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Pre 1800 1800s 1900 - present History of Evolutionary Thought
The History of Evolutionary Thought   

Early Evolution and Development: Ernst Haeckel

 Mouse embryo and tunicate notochords
Both vertebrate embryos and tunicate larvae have notochords (colored blue in the mouse; a thin dark line in the tunicate).
Darwin showed how the mysterious similarities between embryos made ample sense if life evolved by natural selection. With the publication of the Origin of Species, many scientists then asked the next logical question: did embryonic development record the actual evolutionary history of their species?

Initially, the prospects were promising. Some invertebrates known as tunicates or sea squirts, for example, develop the same kind of stiff rod, known as a notochord, that vertebrates form in their back as embryos. In vertebrates the notochord turns into the disks between the vertebrae. Researchers speculated that a sea-squirt-like animal might have been the ancestor of vertebrates. (Recent DNA studies show that sea squirts are in fact the closest known invertebrate relatives of vertebrates.)

Ernst Haeckel
Ontogeny recapitulates phylogeny...or does it?
The evolutionary study of embryos reached a peak in the late 1800s thanks primarily to the efforts of one extraordinarily gifted, though not entirely honest, scientist named Ernst Haeckel (left). Haeckel was a champion of Darwin, but he also embraced the pre-Darwinian notion that life formed a series of successively higher forms, with embryos of higher forms "recapitulating" the lower ones. Haeckel believed that, over the course of time, evolution added new stages to produce new life forms. Thus, embryonic development was actually a record of evolutionary history. The single cell corresponded to amoeba-like ancestors, developing eventually into a sea squirt, a fish, and so on. Haeckel, who was adept at packaging and promoting his ideas, coined both a name for the process — "the Biogenetic Law" — as well as a catchy motto: "Ontogeny recapitulates phylogeny."

Haeckel was so convinced of his Biogenetic Law that he was willing to bend evidence to support it. The truth is that the development of embryos does not fit into the strict progression that Haeckel claimed. Echidnas, for example, develop their limbs much later than most other mammals. But in his illustrations of echidna embryos, Haeckel deceptively omitted limb buds at early stages, despite the fact that limb buds do exist then. In Haeckel's own day, some biologists recognized his sleights of hand, but nevertheless the Biogenetic Law became very popular, and Haeckel's illustrations even found their way into biology textbooks.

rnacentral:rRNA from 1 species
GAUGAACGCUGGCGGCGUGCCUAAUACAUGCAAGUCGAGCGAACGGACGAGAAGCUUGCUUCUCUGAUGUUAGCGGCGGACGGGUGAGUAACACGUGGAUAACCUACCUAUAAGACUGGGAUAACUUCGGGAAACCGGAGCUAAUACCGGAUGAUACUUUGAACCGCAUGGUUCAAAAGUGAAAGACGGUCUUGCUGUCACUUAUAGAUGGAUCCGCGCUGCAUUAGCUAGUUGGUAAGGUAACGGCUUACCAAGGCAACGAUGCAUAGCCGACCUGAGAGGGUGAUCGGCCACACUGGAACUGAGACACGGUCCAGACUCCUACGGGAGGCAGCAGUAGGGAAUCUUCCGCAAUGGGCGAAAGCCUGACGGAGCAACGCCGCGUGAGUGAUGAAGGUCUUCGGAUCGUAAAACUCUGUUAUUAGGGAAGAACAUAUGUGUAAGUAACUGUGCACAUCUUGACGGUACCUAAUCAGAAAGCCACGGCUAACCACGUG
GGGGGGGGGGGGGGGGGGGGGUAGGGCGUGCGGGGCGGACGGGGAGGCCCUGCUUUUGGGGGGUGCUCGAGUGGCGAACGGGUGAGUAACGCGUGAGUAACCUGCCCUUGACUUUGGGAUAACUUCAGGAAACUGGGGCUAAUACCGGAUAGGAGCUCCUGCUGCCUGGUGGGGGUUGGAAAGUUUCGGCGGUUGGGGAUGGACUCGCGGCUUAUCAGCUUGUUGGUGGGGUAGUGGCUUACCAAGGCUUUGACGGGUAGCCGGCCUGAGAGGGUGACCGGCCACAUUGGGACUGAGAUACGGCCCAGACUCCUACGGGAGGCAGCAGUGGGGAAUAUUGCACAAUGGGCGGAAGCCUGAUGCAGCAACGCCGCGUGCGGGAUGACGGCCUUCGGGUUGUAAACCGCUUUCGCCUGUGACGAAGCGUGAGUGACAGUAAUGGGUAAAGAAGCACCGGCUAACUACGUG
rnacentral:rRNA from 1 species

The biogenetic law is broken
By the turn of the century, scientists had discovered many cases that defied Haeckel's so-called law. His followers tried to cast them as exceptions that proved the rule. But Haeckel's final downfall came with the rise of genetics and the modern synthesis. Haeckel, after all, was promoting a basically Lamarckian notion that evolution had a built-in direction towards "higher" forms. But genes, it was soon discovered, controlled the rate and direction of embryonic development. Individual genes can mutate and cause different changes to the way embryos grow — either adding new stages at any point along their path, or taking them away, speeding up development or slowing it down.

Haeckel's tree and modern phylogeny
Haeckel imagined humans ("Menschen" in German) to be the "highest" form of life, placing them at the top of his tree of life (left); at right, how the same anthropoid relationships might be shown today. Note that modern evidence suggests that the phylogeny proposed by Haeckel and represented here is incorrect.

Embryos do reflect the course of evolution, but that course is far more intricate and quirky than Haeckel claimed. Different parts of the same embryo can even evolve in different directions. As a result, the Biogenetic Law was abandoned, and its fall freed scientists to appreciate the full range of embryonic changes that evolution can produce — an appreciation that has yielded spectacular results in recent years as scientists have discovered some of the specific genes that control development.

Mouse embryo image courtesy of the Edinburgh Mouse Atlas Project; Tunicate larva image courtesy of Richard Grosberg, UC Davis

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